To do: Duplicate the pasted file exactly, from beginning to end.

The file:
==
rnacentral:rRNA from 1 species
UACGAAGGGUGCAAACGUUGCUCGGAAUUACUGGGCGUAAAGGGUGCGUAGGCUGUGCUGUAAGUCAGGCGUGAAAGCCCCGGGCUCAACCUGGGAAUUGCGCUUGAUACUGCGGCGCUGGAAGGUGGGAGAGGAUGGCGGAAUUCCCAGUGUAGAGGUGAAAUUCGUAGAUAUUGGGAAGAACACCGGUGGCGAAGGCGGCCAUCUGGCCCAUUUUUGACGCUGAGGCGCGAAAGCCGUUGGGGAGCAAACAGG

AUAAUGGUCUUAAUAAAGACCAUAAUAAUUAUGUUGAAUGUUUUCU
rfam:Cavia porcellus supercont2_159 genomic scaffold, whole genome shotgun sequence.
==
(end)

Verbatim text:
rnacentral:rRNA from 1 species
UACGAAGGGUGCAAACGUUGCUCGGAAUUACUGGGCGUAAAGGGUGCGUAGGCUGUGCUGUAAGUCAGGCGUGAAAGCCCCGGGCUCAACCUGGGAAUUGCGCUUGAUACUGCGGCGCUGGAAGGUGGGAGAGGAUGGCGGAAUUCCCAGUGUAGAGGUGAAAUUCGUAGAUAUUGGGAAGAACACCGGUGGCGAAGGCGGCCAUCUGGCCCAUUUUUGACGCUGAGGCGCGAAAGCCGUUGGGGAGCAAACAGG

AUAAUGGUCUUAAUAAAGACCAUAAUAAUUAUGUUGAAUGUUUUCU
rfam:Cavia porcellus supercont2_159 genomic scaffold, whole genome shotgun sequence.